NASCAR Nextel Cup racing is returning to ESPN on Sunday, for the first time since 2000, with an innovative technology that will give fans a reason to watch the race from home. The technology, called Draft Track, is a computer animation developed by ESPN and SportsVision that lets viewers see the air flowing behind and over race cars.
The swirling air animation, which looks like green flames, enables television viewers to better understand drafting, or slipstreaming, an important technique in sports racing in which competitors align in a close group in order to reduce the overall effect of drag. Two cars cutting through the air together are able to run faster than a single car.
“As a driver, you can feel [the draft], you can feel what it does when you’re side by side, you can feel what it does when you’re behind each other, and you can feel what it’s supposed to do,” said Rusty Wallace, an ESPN race analyst and the 1989 NASCAR Cup champion, at a press conference on July 24. “The story is letting the viewers see it.”
What viewers will see with the new technology is a visualization of the turbulent air based on real-time information–a car’s location and speed–derived from GPS. This data will be loaded into a computer model that uses computational fluid dynamics to turn the information into a graphic of green waves that will represent the airflow or slipstream. Viewers will be able to see when a car enters it and when the car comes out of it. (Click here to see the animation during a race.)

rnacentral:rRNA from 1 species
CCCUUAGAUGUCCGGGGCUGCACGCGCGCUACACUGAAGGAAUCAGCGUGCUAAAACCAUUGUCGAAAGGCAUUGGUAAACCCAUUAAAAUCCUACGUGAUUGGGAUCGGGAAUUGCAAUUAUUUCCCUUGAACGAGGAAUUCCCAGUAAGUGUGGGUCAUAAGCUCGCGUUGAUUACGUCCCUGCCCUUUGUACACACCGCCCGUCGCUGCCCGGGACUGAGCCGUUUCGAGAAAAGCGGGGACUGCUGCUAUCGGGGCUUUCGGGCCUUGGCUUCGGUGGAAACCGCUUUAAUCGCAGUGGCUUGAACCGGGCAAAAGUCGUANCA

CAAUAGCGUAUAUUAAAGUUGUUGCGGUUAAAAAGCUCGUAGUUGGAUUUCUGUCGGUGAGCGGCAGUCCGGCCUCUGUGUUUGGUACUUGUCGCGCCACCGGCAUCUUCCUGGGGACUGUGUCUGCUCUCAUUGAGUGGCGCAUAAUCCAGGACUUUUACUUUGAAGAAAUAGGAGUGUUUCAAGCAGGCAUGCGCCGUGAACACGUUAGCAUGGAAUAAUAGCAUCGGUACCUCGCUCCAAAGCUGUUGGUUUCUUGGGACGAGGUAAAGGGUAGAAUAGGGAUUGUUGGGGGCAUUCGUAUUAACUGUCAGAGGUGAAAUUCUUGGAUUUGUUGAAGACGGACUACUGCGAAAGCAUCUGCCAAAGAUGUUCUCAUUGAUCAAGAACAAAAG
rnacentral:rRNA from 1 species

Jed Drake, ESPN’s senior vice president, developed the idea in 1998, but when ESPN lost rights to the sport in 2000, it went dormant. Now that the idea has been revived, Drake believes that the technology will be a “real strong item” for ESPN, and he plans to add it to the network’s coverage of many different things.
The new technology goes on the list of innovations that ESPN has created to enhance the television viewer’s experience and show those watching at home the unseen elements of sports. The line of scrimmage in football and the strike zone in baseball are two other well-known visualization technologies that ESPN developed in collaboration with SportsVision.
Draft Track will debut this weekend during ESPN’s coverage of the Allstate 400 at the Brickyard in Indianapolis, and initially it will only be used during replays.
A Roomba recorded a woman on the toilet. How did screenshots end up on Facebook?
Robot vacuum companies say your images are safe, but a sprawling global supply chain for data from our devices creates risk.
A startup says it’s begun releasing particles into the atmosphere, in an effort to tweak the climate
Make Sunsets is already attempting to earn revenue for geoengineering, a move likely to provoke widespread criticism.
10 Breakthrough Technologies 2023
These exclusive satellite images show that Saudi Arabia’s sci-fi megacity is well underway
Weirdly, any recent work on The Line doesn’t show up on Google Maps. But we got the images anyway.
Get the latest updates from
MIT Technology Review
Discover special offers, top stories, upcoming events, and more.